Driftwood Roots

anfield

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20 Mar 2017
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Been working on this hardscape for nearly two months now. Tank is ADA 3ft wide by 18 inches deep and 18 inches tall. Substrate is sand only to be supplemented with root tabs. I want to emphasize the hardscape and not overwhelm it with plants. At least initially will have low level paintball CO2 but dont know if I will keep that going long term. The left corner will be filled with Mr Aqua substrate and have tall hairgrass and montecarlo trailing down the rocks. The rest of the plants I'm leaning towards are Japanese pennywort, dwarf anubias, microsword, mini-bolbitis and some buces under the driftwood. I simply cannot manage moss, it just accumulates dirt but then again I've never tried CO2 in a larger tank

I realize there are different types of wood here but then again thats what you would find at the beach right :).

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anfield

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20 Mar 2017
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USA
Looking for feedback on the layout, plant selection and also eventual stocking. Thanks!
 

Kezzab

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18 Jan 2016
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Carlisle
Hi, your hardscape has a very open, sculptural, minimalist feel. Id find it hard to do what im about to suggest, but how amout keeping planting minimal? Maybe eleocharis vivipara at the back corners, a bit of monte carlo here and there and maybe some microsorum trident on the wood?

And how about a school of Indian Glassfish to keep it minimalistic?
K
 

anfield

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Joined
20 Mar 2017
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Location
USA
Hi, your hardscape has a very open, sculptural, minimalist feel. Id find it hard to do what im about to suggest, but how amout keeping planting minimal? Maybe eleocharis vivipara at the back corners, a bit of monte carlo here and there and maybe some microsorum trident on the wood?

And how about a school of Indian Glassfish to keep it minimalistic?
K
You've hit the nail pool on the head. I think this needs lighter planting but have only ever done heavily planted tanks so will need to restrain myself ! Thinking of smaller fish for scale but with some color.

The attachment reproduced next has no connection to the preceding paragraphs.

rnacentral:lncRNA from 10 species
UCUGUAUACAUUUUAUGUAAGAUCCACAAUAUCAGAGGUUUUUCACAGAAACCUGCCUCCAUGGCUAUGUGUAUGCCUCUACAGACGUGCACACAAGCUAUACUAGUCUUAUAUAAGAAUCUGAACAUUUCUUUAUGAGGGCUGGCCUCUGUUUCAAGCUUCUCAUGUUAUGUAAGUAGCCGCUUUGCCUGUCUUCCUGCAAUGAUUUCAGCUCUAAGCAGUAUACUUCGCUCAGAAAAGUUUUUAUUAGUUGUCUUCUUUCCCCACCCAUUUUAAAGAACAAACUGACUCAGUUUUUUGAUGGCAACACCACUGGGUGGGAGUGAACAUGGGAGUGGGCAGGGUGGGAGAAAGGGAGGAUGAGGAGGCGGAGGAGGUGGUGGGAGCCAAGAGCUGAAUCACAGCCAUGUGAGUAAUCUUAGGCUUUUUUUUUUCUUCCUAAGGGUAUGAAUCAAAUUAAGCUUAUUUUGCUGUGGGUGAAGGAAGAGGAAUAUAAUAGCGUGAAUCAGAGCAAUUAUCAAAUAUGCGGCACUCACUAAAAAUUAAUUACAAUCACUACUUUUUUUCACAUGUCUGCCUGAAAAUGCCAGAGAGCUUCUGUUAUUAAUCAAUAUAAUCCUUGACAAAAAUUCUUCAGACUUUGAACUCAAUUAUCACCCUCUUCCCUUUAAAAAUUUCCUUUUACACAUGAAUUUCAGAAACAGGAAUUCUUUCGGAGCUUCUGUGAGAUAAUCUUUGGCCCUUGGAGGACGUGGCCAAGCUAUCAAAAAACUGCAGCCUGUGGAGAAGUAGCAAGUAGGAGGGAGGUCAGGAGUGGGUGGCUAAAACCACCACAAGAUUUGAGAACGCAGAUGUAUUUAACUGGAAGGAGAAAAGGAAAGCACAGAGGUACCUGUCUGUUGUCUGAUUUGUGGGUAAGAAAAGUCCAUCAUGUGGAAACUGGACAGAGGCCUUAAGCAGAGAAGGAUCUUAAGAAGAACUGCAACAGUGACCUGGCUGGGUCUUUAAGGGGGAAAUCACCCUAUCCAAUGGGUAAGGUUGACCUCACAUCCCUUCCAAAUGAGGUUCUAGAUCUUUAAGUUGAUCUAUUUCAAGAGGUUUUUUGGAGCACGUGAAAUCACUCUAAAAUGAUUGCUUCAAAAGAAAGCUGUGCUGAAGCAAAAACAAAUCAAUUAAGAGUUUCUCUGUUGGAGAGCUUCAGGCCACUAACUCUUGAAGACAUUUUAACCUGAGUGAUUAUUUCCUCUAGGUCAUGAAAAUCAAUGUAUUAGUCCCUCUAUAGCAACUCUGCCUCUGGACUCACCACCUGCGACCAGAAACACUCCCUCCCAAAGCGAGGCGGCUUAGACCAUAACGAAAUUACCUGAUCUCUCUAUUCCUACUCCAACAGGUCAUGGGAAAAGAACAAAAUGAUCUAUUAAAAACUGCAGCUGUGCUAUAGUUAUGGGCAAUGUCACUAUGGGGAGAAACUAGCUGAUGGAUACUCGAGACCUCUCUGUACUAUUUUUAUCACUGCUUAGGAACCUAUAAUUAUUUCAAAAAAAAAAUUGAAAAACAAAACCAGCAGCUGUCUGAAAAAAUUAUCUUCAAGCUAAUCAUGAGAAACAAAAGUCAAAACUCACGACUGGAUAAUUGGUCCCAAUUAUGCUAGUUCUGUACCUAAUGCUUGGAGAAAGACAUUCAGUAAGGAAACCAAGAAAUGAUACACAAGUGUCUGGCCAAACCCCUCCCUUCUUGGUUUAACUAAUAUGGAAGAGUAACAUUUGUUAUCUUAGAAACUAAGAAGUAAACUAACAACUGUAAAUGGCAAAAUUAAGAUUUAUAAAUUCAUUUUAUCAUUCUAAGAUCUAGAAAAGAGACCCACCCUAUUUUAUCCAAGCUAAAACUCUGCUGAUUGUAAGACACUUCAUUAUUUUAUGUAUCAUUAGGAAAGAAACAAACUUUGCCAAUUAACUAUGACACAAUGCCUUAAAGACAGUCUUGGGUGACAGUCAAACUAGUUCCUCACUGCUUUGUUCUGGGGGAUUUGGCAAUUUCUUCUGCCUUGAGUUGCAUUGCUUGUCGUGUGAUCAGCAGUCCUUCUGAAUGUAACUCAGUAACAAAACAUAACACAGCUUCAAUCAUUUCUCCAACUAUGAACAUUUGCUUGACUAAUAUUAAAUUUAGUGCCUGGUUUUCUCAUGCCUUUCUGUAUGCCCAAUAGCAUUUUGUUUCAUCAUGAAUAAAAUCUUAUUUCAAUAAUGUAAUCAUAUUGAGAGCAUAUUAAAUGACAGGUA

BarryH

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25 Feb 2017
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Derbyshire
Hi Anfield, I love that look you've created. Well worth the time it's taken you to get there. Can I ask what the rock is please?
 

anfield

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20 Mar 2017
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USA
Its lava rock. I've had to use a hammer and chisel to get the smaller pieces. The wood is glued together where needed.
 

Andrew Butler

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1 Feb 2016
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Banbury, Oxfordshire
I really love it, I'm a fan of lightly planted aquariums and the route I'm planning to take with my next scape.
You've the option of planting only on the rocks and wood if you like plants that grow there and think you could achieve the look you're after? I think you could reduce the amount of sand, again only if you like that look. Fertilisers could all be liquid ones added; maybe the EI method would work (Does anyone know what happened to theplantedtank EI and all in one pages? - I found them very useful)

I'd guess that wood will need quite some soaking to make it sink and if it is the kind of wood you find at the beach just make sure it's well rinsed through. ;)
 

BarryH

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25 Feb 2017
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Derbyshire
Thanks for the help, really appreciated.


Most of the Lava rock I've found in the UK seems to be a dull grey colour, not as black as the rock in your setting. I'll keep searching though.
 
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